The world’s first international treaty on the high seas, set to be adopted by the United Nations on Monday, contains landmark tools for the conservation and management of international waters.
International waters — outside the jurisdiction of any single state — cover more than 60 percent of the world’s oceans.
Ocean ecosystems create half the oxygen humans breathe and limit global warming by absorbing much of the carbon dioxide emitted by human activities.
Once adopted, the UN treaty will go into force 120 days after 60 countries have ratified it.
Here are the key points of the text approved in March. The final version to be voted on has not yet been published.
– Ocean under threat –
The treaty begins by recognizing “the need to address, in a coherent and cooperative manner, biodiversity loss and degradation of ecosystems of the ocean.”
These impacts include the warming of ocean waters along with their loss of oxygen, acidification, mounting plastics and other pollutants, as well as overfishing.
The text specifies that it will apply to waters beyond countries’ exclusive economic zones, which extend to a maximum of 200 nautical miles from the coasts.
It also covers what is known as “the Area”, shorthand for seabed and subsoil beyond the limits of national jurisdiction. The Area comprises just over half of the planet’s seabed.
The Conference of the Parties (COP) will have to navigate the authority of other regional and global organizations.
Chief among these are regional fisheries bodies and the International Seabed Authority, which oversees permits for deep-sea mining exploration in some areas and may soon make the controversial move of allowing companies to mine beyond current test runs.
– Marine protected areas –
Currently, almost all protected marine areas (MPAs) are within national territorial waters.
The treaty, however, allows for these reserves to be created in the open ocean.
Most decisions would be taken by a consensus of the COP, but an MPA can be voted into existence with a three-quarters majority, to prevent deadlock caused by a single country.
One crucial shortcoming: the text does not say how these conservation measures will be monitored and enforced over remote swathes of the ocean — a task that will fall to the COP.
Some experts say satellites could be used to spot infractions.
Individual countries are already responsible for certain activities on the high seas that they have jurisdiction over, such as those of ships flying their flags.
– Sharing the bounty? –
On the high seas, countries and entities under their jurisdiction will be allowed to collect animal, plant, or microbial matter whose genetic material might prove useful, even commercially.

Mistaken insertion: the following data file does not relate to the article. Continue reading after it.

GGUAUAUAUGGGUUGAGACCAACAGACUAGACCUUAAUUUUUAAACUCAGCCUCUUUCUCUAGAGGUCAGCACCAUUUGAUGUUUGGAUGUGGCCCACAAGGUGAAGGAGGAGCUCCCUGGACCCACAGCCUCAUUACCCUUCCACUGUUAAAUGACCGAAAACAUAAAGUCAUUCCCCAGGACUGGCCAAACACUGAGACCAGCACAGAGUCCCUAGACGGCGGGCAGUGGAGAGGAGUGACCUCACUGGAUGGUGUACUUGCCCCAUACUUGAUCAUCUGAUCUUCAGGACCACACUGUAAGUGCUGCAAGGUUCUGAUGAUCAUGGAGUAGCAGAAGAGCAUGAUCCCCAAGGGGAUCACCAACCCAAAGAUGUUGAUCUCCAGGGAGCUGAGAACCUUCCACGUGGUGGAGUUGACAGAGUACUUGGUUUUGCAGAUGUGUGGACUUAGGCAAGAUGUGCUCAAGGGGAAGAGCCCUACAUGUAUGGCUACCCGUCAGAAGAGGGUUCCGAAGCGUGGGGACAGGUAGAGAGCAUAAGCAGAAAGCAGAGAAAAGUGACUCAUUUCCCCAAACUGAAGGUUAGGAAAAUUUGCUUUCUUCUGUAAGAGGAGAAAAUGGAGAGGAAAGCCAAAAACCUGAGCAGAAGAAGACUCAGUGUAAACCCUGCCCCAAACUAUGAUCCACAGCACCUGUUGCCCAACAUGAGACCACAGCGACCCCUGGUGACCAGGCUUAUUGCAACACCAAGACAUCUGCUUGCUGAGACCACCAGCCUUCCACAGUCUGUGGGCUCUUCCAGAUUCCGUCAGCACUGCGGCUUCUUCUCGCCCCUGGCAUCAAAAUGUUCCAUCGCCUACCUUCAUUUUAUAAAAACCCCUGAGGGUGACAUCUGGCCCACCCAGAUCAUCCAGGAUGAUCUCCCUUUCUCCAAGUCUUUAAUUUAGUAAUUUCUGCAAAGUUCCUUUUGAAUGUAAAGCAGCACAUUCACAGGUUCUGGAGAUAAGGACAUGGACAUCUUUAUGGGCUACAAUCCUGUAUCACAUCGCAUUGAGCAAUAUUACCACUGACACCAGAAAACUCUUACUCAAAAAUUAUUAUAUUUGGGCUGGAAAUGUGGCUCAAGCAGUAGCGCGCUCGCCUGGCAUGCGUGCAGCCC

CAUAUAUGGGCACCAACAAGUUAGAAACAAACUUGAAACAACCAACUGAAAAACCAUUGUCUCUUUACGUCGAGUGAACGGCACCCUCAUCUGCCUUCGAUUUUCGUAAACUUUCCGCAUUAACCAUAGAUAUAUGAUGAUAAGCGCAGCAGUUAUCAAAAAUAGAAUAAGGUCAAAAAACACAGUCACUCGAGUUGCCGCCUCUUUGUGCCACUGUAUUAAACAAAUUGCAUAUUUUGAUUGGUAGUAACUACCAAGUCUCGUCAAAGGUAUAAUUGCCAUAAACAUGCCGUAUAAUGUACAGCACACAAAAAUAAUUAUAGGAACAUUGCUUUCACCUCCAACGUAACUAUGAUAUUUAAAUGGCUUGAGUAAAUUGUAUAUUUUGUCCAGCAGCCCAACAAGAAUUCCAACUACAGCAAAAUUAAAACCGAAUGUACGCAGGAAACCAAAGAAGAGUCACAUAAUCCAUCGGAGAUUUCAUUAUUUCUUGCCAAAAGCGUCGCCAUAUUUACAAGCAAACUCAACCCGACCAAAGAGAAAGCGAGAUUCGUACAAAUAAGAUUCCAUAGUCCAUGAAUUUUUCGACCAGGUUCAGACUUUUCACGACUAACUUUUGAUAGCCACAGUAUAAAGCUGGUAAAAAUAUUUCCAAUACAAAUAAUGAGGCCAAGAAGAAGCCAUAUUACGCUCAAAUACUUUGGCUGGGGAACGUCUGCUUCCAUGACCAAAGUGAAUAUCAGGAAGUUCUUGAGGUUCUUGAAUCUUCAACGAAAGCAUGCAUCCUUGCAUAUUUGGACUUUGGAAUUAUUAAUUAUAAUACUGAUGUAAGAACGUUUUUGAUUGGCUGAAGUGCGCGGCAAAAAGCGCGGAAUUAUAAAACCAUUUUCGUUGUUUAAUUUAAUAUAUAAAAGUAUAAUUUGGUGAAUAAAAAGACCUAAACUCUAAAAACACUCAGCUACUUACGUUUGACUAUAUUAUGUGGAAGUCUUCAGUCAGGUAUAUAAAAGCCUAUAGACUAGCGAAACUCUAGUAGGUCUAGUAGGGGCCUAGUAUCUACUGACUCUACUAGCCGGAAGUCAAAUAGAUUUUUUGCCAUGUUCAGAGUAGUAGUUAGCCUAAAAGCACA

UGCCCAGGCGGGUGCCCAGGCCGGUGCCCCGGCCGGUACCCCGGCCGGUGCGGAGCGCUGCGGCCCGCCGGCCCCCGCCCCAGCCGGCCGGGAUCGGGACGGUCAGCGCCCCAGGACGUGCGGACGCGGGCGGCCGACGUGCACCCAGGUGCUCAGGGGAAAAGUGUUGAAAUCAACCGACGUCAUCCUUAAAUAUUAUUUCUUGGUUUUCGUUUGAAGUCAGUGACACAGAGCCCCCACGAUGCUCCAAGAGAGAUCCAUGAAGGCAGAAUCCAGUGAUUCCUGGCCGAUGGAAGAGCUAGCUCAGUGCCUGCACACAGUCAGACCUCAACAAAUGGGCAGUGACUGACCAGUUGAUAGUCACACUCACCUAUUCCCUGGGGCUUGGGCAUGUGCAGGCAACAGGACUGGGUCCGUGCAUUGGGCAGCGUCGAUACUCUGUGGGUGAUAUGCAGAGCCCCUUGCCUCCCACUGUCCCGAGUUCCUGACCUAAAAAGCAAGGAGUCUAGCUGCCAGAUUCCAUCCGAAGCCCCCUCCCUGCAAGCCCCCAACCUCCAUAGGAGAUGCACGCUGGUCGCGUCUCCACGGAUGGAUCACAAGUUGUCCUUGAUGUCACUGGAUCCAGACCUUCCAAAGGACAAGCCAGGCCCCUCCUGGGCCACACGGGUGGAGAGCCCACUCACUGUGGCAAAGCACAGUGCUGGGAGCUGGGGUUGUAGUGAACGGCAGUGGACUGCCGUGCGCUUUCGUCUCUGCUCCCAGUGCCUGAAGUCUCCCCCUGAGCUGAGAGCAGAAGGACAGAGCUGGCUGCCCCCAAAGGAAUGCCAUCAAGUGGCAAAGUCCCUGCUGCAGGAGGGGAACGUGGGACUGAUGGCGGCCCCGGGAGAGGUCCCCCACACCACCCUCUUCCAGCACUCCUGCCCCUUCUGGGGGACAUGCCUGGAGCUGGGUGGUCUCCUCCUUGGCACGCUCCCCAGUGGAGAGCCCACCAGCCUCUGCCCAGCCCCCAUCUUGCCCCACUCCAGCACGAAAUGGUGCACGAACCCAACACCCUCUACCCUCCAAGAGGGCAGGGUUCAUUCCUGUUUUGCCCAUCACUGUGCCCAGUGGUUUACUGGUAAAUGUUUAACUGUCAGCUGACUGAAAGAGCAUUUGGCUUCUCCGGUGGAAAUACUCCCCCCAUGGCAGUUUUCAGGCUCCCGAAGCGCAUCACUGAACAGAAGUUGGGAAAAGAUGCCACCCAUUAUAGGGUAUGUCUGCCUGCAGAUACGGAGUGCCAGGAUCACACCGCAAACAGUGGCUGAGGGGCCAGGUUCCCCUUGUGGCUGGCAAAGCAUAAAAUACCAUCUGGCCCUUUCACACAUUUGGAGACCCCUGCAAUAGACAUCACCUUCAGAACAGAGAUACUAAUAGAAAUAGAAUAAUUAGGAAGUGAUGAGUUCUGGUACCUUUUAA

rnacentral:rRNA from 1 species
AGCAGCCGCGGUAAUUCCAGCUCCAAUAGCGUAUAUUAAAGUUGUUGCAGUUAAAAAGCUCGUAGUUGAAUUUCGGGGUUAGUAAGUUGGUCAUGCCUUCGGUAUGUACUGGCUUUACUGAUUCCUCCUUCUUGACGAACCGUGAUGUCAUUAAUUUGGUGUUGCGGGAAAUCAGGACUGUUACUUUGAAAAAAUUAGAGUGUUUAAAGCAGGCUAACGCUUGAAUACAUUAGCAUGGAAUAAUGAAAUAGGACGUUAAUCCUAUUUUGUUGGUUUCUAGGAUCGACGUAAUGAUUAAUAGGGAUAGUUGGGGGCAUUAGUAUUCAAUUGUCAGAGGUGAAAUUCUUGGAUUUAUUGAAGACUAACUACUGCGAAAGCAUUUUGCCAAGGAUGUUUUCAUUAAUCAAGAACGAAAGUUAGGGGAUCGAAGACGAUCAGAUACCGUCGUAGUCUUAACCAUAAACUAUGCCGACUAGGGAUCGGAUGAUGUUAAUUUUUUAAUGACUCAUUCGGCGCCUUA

Scientists, for example, have discovered molecules with the potential to treat cancer or other diseases in microbes scooped up in sediment, or produced by sponges or marine mollusks.
Benefits-sharing of those resources has been a key point of contention between wealthy and poorer nations.
The treaty establishes frameworks for the transfer of marine research technologies to developing countries and a strengthening of their research capacities, as well as open access to data.
But it’s left to the COP to decide exactly how any monetary benefits will eventually be shared, with options including a system based on specific commercialized products, or more generalized payment systems.
– Environmental impact studies –
The treaty requires signatories to assess the environmental impacts of planned activities under their control on the high seas before they are authorized in instances when such activities may have more than a minor or transitory effect.
It also calls for countries to assess the potential impact on international waters of activities within national jurisdictions that may cause “substantial pollution” or harm the high sea marine environment.
Ultimately, states are responsible for giving the green light to any potentially harmful activity — a role NGOs hoped would go to the COP, to make controversial approvals more difficult.
The treaty also requires states to publish updates on an activity’s environmental impacts. Approvals can be called into question if unanticipated impacts arise.
Though they are not specifically listed in the treaty, activities that could come under regulation include transport and fishing, as well as more controversial subjects such as deep-sea mining or even geo-engineering initiatives to mitigate global warming.
By Amélie BOTTOLLIER-DEPOIS